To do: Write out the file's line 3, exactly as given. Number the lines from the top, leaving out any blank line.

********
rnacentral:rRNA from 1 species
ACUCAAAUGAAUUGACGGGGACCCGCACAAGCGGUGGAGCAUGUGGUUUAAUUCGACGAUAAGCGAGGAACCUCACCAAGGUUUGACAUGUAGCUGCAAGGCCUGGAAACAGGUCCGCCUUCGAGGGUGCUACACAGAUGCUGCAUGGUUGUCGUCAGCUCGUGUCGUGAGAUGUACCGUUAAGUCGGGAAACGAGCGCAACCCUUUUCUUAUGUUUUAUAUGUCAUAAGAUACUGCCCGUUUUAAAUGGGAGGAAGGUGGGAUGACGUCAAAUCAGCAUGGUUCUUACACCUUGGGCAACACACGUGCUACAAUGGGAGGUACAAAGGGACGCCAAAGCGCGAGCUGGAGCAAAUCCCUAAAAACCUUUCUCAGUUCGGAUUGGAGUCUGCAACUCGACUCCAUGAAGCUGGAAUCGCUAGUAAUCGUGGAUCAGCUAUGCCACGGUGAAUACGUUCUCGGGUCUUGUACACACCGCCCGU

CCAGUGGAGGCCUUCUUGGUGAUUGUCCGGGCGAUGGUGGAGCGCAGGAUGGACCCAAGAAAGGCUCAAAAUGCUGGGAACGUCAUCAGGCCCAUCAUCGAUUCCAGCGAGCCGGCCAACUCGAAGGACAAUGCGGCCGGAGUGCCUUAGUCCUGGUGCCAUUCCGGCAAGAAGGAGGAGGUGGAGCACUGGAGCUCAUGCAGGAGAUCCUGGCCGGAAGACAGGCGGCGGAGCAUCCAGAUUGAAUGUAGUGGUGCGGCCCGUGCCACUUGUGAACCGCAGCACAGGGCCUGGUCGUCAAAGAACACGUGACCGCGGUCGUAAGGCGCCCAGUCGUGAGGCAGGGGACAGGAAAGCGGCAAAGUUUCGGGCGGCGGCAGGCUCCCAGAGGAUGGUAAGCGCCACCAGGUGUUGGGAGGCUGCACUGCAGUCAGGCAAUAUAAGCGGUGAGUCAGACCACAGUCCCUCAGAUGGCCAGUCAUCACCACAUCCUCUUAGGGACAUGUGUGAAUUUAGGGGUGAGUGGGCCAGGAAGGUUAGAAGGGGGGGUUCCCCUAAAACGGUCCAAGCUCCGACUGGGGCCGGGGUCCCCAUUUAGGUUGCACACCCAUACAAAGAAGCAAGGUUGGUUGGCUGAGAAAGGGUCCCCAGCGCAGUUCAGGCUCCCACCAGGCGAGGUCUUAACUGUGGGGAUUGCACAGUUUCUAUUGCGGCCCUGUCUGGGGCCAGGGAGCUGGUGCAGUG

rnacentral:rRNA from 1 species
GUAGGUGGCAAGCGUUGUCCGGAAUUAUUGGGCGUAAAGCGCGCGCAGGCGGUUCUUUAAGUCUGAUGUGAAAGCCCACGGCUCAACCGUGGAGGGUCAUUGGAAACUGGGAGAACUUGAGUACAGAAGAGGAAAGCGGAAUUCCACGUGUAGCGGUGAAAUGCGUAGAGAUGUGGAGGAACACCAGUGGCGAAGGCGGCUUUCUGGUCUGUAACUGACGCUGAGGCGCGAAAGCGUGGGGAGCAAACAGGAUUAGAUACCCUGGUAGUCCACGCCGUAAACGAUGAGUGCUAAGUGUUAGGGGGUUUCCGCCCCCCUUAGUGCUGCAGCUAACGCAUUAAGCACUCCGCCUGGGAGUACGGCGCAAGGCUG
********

CCAGUGGAGGCCUUCUUGGUGAUUGUCCGGGCGAUGGUGGAGCGCAGGAUGGACCCAAGAAAGGCUCAAAAUGCUGGGAACGUCAUCAGGCCCAUCAUCGAUUCCAGCGAGCCGGCCAACUCGAAGGACAAUGCGGCCGGAGUGCCUUAGUCCUGGUGCCAUUCCGGCAAGAAGGAGGAGGUGGAGCACUGGAGCUCAUGCAGGAGAUCCUGGCCGGAAGACAGGCGGCGGAGCAUCCAGAUUGAAUGUAGUGGUGCGGCCCGUGCCACUUGUGAACCGCAGCACAGGGCCUGGUCGUCAAAGAACACGUGACCGCGGUCGUAAGGCGCCCAGUCGUGAGGCAGGGGACAGGAAAGCGGCAAAGUUUCGGGCGGCGGCAGGCUCCCAGAGGAUGGUAAGCGCCACCAGGUGUUGGGAGGCUGCACUGCAGUCAGGCAAUAUAAGCGGUGAGUCAGACCACAGUCCCUCAGAUGGCCAGUCAUCACCACAUCCUCUUAGGGACAUGUGUGAAUUUAGGGGUGAGUGGGCCAGGAAGGUUAGAAGGGGGGGUUCCCCUAAAACGGUCCAAGCUCCGACUGGGGCCGGGGUCCCCAUUUAGGUUGCACACCCAUACAAAGAAGCAAGGUUGGUUGGCUGAGAAAGGGUCCCCAGCGCAGUUCAGGCUCCCACCAGGCGAGGUCUUAACUGUGGGGAUUGCACAGUUUCUAUUGCGGCCCUGUCUGGGGCCAGGGAGCUGGUGCAGUG